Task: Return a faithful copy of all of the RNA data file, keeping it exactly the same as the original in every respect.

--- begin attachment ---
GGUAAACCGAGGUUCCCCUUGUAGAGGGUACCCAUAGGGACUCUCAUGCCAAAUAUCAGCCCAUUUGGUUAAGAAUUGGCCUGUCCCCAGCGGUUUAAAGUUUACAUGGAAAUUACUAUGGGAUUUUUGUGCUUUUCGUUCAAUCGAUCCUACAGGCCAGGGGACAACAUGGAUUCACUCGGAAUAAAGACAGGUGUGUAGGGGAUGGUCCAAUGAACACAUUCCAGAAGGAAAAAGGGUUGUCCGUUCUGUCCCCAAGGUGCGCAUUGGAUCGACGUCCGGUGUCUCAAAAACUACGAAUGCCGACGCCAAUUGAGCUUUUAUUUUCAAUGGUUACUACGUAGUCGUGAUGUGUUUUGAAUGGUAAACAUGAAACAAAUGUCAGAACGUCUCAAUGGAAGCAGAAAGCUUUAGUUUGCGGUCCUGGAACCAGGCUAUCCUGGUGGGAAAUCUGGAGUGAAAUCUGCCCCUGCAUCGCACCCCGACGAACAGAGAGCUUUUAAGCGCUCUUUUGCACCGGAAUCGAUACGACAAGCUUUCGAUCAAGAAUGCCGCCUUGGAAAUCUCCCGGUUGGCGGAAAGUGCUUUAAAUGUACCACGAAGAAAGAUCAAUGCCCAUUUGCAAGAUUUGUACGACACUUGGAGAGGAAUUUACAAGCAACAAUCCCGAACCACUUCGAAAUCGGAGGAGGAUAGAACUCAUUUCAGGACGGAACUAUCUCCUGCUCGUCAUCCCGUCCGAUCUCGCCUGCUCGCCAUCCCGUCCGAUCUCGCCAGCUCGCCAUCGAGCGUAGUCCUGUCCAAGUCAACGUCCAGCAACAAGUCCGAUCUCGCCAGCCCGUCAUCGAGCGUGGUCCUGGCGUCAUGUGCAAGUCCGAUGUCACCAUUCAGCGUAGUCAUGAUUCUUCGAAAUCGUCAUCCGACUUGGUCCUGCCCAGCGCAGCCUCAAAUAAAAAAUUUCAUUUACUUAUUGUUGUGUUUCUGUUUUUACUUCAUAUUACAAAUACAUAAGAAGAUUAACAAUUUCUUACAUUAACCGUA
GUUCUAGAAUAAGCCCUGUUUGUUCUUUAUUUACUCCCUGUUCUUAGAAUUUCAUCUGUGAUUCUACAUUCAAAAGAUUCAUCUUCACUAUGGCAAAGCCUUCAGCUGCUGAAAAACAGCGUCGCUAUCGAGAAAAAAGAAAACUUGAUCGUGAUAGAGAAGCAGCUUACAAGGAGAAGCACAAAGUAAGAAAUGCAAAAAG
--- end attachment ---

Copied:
GGUAAACCGAGGUUCCCCUUGUAGAGGGUACCCAUAGGGACUCUCAUGCCAAAUAUCAGCCCAUUUGGUUAAGAAUUGGCCUGUCCCCAGCGGUUUAAAGUUUACAUGGAAAUUACUAUGGGAUUUUUGUGCUUUUCGUUCAAUCGAUCCUACAGGCCAGGGGACAACAUGGAUUCACUCGGAAUAAAGACAGGUGUGUAGGGGAUGGUCCAAUGAACACAUUCCAGAAGGAAAAAGGGUUGUCCGUUCUGUCCCCAAGGUGCGCAUUGGAUCGACGUCCGGUGUCUCAAAAACUACGAAUGCCGACGCCAAUUGAGCUUUUAUUUUCAAUGGUUACUACGUAGUCGUGAUGUGUUUUGAAUGGUAAACAUGAAACAAAUGUCAGAACGUCUCAAUGGAAGCAGAAAGCUUUAGUUUGCGGUCCUGGAACCAGGCUAUCCUGGUGGGAAAUCUGGAGUGAAAUCUGCCCCUGCAUCGCACCCCGACGAACAGAGAGCUUUUAAGCGCUCUUUUGCACCGGAAUCGAUACGACAAGCUUUCGAUCAAGAAUGCCGCCUUGGAAAUCUCCCGGUUGGCGGAAAGUGCUUUAAAUGUACCACGAAGAAAGAUCAAUGCCCAUUUGCAAGAUUUGUACGACACUUGGAGAGGAAUUUACAAGCAACAAUCCCGAACCACUUCGAAAUCGGAGGAGGAUAGAACUCAUUUCAGGACGGAACUAUCUCCUGCUCGUCAUCCCGUCCGAUCUCGCCUGCUCGCCAUCCCGUCCGAUCUCGCCAGCUCGCCAUCGAGCGUAGUCCUGUCCAAGUCAACGUCCAGCAACAAGUCCGAUCUCGCCAGCCCGUCAUCGAGCGUGGUCCUGGCGUCAUGUGCAAGUCCGAUGUCACCAUUCAGCGUAGUCAUGAUUCUUCGAAAUCGUCAUCCGACUUGGUCCUGCCCAGCGCAGCCUCAAAUAAAAAAUUUCAUUUACUUAUUGUUGUGUUUCUGUUUUUACUUCAUAUUACAAAUACAUAAGAAGAUUAACAAUUUCUUACAUUAACCGUA
GUUCUAGAAUAAGCCCUGUUUGUUCUUUAUUUACUCCCUGUUCUUAGAAUUUCAUCUGUGAUUCUACAUUCAAAAGAUUCAUCUUCACUAUGGCAAAGCCUUCAGCUGCUGAAAAACAGCGUCGCUAUCGAGAAAAAAGAAAACUUGAUCGUGAUAGAGAAGCAGCUUACAAGGAGAAGCACAAAGUAAGAAAUGCAAAAAG